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Hard road to South Africa for fans for Zimbabwe's refugees

Hundreds of young Zimbabweans trying to flee their country’s tough regime arrive in South Africa every day as the nation prepares for thousands of football fans to descend for the World Cup.

Barbera is not a football fan. The 22 year-old spent more than a year planning to escape Zimbabwe, whose economy is in tatters, where poverty and unemployment are endemic and repression common. She invested her life savings and some borrowed money to become one of more than 300 Zimbabweans pouring across the Limpopo River into South Africa every day.

Her story is worlds apart from the hundreds of well-off foreign football supporters checking into purpose-built hotels in South Africa’s commercial capital, Johannesburg, ahead of Friday, when the World Cup starts. For the next month the football fans and Zimbabwean refugees will live side by side in the same cities.

Barbera, a youth activist was forced to flee the Zimbabwean capital Harare. She was beaten in her own home with her mother and six-month-old daughter watching after her work with the opposition made her a target for government thugs.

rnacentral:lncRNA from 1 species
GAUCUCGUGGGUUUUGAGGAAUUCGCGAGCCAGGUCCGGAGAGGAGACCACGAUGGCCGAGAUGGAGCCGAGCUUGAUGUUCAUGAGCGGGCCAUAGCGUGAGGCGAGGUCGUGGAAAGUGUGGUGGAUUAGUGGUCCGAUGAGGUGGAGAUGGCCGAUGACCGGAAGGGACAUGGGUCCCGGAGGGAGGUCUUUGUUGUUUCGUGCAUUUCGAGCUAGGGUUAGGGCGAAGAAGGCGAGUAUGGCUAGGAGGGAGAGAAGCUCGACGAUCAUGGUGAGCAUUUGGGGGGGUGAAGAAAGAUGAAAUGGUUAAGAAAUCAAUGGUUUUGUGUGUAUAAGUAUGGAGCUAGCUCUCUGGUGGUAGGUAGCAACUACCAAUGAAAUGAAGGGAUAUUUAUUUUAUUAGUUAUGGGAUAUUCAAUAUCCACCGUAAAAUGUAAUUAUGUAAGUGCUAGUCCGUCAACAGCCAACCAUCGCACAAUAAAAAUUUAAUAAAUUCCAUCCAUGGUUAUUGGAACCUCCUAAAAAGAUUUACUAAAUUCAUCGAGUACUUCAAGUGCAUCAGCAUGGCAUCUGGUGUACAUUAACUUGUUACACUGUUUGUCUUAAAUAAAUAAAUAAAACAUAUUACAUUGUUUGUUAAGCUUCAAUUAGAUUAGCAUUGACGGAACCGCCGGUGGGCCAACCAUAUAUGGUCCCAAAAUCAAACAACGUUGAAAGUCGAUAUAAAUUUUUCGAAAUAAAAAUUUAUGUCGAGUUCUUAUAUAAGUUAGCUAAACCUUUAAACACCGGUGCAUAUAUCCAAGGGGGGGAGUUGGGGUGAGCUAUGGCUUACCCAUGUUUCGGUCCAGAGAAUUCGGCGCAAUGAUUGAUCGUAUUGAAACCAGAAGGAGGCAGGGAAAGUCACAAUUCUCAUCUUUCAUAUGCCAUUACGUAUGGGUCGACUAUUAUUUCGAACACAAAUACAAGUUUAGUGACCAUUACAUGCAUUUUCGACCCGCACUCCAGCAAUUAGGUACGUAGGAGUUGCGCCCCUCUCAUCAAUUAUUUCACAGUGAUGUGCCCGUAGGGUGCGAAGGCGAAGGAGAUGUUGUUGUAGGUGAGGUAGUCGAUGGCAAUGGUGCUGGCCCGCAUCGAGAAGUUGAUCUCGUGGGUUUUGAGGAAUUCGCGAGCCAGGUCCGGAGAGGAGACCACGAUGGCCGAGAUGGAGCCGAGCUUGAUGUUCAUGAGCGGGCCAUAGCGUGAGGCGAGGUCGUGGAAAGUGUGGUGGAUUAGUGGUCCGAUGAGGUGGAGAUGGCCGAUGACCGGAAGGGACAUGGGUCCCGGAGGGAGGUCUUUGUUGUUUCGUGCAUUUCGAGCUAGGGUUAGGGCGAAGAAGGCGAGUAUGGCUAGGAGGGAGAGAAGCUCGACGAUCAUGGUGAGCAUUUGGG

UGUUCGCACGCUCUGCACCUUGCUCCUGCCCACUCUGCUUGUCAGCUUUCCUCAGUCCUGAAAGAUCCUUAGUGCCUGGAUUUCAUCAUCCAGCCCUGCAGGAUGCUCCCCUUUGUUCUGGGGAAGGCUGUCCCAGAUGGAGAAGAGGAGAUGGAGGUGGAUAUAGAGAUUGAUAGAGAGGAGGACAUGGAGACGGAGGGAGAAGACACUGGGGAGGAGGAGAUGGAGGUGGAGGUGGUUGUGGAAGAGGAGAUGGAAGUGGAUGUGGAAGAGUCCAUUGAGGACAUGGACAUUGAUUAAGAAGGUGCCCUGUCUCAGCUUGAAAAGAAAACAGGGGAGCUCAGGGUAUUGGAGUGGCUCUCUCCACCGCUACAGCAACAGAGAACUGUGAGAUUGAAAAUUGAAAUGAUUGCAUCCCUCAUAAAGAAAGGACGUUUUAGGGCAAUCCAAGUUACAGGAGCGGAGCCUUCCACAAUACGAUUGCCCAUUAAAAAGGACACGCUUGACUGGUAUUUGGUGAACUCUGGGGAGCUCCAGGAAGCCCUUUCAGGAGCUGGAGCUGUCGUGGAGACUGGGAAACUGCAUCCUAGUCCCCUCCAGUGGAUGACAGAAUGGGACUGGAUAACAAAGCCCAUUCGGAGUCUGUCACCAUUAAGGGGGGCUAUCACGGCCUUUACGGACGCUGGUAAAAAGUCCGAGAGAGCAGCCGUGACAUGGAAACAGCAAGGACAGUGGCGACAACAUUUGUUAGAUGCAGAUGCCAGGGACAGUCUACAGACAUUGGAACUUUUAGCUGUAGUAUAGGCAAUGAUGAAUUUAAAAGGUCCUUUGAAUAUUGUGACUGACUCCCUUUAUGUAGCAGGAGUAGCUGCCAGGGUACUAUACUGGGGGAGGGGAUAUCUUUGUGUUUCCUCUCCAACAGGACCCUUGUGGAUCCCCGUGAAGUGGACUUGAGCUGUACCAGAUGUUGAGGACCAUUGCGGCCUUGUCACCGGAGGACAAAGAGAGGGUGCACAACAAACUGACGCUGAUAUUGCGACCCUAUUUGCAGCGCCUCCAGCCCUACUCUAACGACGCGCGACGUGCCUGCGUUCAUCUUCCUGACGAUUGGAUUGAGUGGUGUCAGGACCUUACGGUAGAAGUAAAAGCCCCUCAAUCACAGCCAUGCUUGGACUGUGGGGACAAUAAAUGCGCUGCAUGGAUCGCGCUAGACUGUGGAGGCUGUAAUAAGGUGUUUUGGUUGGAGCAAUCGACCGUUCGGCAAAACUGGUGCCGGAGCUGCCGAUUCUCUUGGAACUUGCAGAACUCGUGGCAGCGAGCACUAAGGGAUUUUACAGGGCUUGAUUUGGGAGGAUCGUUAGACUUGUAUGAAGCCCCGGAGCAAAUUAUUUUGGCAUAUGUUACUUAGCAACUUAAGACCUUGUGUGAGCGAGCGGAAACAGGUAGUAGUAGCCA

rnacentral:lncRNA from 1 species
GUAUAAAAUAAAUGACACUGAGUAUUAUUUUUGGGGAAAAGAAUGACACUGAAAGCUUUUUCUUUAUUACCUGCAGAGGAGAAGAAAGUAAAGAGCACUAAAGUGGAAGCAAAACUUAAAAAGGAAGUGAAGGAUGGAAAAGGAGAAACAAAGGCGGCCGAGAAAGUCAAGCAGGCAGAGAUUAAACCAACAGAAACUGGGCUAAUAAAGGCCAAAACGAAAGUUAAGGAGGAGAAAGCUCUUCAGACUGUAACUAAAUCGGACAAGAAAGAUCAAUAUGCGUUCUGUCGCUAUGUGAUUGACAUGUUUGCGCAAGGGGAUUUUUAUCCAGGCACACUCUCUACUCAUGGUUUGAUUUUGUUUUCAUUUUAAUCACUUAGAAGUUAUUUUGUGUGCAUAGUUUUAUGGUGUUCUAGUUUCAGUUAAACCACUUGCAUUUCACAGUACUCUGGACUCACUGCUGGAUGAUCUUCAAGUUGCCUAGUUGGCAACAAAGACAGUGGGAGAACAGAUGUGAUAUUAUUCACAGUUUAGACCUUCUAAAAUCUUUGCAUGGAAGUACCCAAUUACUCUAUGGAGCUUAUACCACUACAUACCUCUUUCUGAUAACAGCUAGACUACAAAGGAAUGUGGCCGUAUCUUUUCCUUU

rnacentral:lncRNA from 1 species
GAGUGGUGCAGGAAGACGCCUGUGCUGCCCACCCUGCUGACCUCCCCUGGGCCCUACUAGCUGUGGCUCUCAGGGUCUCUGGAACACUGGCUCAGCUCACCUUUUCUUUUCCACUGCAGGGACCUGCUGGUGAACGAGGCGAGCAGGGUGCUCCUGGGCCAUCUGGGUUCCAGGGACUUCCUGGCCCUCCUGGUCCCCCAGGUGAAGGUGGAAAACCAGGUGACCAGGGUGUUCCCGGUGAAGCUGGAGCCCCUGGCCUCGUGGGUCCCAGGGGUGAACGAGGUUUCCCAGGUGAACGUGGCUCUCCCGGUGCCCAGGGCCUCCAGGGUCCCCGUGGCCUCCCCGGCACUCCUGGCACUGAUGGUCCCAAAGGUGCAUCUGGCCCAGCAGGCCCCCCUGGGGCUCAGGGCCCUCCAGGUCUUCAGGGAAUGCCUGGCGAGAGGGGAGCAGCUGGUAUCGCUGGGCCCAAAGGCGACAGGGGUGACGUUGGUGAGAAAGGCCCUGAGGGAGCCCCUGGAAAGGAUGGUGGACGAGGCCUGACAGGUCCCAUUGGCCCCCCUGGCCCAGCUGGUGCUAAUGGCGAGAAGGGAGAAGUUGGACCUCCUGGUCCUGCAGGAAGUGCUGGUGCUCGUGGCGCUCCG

She was raped, beaten and robbed on her journey out of the south east African country. Near the border she paid ‘guides’ to help her across the river into South Africa. But, "they stopped us in the bush and told us if we wanted to go further we would have to sleep with them," she told the Independent newspaper. "I said no. But they raped me anyway".

When she got there her first priority was to take an Aids test.

"I was lucky," she said. "If you're unlucky you'll be raped by someone who is HIV-positive."

Scores of other vulnerable women like her are raped by the gangs that roam the badlands between the two countries.

More than a year after Zimbabwe’s controversial power sharing agreement between President Robert Mugabe, head of the armed forces and Prime Minister Morgan Tsvangirai, 2,100 Zimbabweans arrive at the department of Home Affairs office in the South African border town, Musina each week, seeking asylum. Just one per cent of them will get the refugee status they need.

South Africa’s government has shelved plans to give Zimbabweans temporary legal status, so they can stay and work in the country.
As many as two million Zimbabweans are in South Africa, according to government estimates. About 50,000 squatters live in derelict buildings in inner-city Johannesburg. 

Hayley attribution